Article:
What are anti citrullinated protein antibodies (ACPAs) and how are they tested for?
ACPAs are directed against citrulline residues on various proteins formed by post-translational deimination of arginine by the enzyme peptidylarginine deiminase. Commercial assays have been developed to identify some of these antibodies. The tests utilize a cyclic peptide substrate engineered to mimic the shape of proteins in antibody-peptide complexes. The resulting cyclic citrullinated peptide (CCP) results in higher affinity antibody binding than linear peptide substrates, thereby improving the sensitivity of the assay. These antibodies are found in patients with RA with a sensitivity similar to RF (75%), but with increased specificity (90%–95%). Notably some RA patients (10%) may be negative for RF but positive for anti-CCP.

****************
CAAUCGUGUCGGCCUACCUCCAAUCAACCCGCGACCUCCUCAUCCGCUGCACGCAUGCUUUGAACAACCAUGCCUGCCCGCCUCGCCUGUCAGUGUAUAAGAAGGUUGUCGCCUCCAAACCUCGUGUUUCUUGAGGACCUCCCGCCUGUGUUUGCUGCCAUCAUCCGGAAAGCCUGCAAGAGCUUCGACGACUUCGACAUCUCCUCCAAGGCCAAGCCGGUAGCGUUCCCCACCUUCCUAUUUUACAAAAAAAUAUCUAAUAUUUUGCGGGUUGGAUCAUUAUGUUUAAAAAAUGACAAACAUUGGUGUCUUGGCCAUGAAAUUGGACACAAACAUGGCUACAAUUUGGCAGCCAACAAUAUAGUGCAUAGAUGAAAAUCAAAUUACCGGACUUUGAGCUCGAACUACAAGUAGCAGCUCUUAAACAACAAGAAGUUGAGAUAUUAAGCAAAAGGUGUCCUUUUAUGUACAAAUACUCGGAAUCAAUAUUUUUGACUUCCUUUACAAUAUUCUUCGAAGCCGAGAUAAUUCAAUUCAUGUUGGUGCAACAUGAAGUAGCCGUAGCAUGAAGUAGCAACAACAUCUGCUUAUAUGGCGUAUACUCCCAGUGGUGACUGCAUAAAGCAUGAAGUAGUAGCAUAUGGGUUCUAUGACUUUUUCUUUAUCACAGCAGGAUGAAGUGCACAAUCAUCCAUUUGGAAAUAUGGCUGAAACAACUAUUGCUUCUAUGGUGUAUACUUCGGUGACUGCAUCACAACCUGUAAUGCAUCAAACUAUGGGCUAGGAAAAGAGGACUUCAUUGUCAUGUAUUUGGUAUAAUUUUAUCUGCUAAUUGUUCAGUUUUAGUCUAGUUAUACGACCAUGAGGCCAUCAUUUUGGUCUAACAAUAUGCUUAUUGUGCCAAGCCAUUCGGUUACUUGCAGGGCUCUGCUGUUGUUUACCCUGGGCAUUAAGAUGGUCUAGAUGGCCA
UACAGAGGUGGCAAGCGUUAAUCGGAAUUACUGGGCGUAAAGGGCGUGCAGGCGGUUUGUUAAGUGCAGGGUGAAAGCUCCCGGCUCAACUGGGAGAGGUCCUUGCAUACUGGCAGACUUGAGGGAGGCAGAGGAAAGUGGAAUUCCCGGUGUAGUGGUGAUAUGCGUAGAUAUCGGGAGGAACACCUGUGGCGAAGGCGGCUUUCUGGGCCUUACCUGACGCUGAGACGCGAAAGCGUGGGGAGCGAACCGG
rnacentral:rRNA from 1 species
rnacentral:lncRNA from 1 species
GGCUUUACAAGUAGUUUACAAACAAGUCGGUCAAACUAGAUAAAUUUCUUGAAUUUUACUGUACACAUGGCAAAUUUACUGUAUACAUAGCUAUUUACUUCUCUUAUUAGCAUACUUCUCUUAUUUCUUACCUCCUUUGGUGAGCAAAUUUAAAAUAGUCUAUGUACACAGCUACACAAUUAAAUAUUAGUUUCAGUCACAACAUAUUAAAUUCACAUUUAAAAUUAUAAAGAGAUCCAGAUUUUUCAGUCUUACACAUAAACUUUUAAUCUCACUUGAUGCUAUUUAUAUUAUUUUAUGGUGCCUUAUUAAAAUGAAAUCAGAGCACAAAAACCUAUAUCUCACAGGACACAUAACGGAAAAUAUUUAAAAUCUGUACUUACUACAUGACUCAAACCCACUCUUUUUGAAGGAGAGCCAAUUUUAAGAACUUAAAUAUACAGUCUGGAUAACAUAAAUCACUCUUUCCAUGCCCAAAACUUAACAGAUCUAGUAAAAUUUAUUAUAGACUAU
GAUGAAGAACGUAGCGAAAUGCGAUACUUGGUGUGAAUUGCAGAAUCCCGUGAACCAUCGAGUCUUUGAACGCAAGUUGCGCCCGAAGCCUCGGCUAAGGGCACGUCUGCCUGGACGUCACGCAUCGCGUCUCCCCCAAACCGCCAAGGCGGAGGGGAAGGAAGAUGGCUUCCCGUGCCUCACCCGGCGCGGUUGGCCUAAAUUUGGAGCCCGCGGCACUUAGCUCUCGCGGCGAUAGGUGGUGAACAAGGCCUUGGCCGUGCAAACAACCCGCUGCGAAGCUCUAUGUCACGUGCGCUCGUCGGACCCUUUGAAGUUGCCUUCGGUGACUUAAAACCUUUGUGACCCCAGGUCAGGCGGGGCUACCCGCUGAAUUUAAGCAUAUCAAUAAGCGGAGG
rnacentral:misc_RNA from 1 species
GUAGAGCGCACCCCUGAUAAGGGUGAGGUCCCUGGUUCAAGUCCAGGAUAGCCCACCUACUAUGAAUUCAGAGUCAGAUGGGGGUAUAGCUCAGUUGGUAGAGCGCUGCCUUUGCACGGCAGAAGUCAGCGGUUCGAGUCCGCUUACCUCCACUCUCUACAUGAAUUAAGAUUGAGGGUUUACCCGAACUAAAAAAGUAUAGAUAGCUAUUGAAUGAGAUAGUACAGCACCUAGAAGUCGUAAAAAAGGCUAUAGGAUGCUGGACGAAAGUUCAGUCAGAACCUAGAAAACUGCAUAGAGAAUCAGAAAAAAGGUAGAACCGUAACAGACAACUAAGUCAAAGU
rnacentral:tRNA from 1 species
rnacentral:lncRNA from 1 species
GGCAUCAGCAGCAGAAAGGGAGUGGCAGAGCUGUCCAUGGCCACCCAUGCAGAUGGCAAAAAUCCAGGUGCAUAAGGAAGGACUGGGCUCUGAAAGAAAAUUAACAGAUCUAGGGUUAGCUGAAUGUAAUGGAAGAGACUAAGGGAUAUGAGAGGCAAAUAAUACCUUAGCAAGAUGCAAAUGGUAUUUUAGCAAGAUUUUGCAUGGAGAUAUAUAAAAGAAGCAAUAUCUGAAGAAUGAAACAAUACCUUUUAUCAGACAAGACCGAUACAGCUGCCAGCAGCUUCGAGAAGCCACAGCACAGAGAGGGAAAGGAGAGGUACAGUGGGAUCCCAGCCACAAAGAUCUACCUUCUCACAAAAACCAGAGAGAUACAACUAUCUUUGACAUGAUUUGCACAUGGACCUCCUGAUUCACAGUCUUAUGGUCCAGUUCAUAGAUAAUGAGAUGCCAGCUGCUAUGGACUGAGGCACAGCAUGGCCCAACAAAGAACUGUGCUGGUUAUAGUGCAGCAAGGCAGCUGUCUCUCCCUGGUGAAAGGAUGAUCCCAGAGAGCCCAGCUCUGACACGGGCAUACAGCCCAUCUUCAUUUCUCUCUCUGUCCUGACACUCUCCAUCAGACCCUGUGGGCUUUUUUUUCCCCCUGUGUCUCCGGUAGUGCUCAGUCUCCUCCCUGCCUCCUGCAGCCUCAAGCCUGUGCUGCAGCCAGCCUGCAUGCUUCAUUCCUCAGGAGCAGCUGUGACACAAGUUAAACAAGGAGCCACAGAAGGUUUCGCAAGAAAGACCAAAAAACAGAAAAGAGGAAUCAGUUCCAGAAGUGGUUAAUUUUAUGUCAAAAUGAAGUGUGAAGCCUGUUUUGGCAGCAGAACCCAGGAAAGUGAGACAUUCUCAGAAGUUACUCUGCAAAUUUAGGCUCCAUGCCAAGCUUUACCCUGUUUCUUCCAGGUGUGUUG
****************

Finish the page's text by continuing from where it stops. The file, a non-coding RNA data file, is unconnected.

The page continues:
There is good evidence for an association of anti-CCP with more rapid radiological joint damage in RA patients. The high specificity of anti-CCP antibodies helps to diagnostically separate RA from other diseases, such as hepatitis C, which can present with polyarthralgias and a positive RF that resembles RA but have negative anti-CCP antibodies.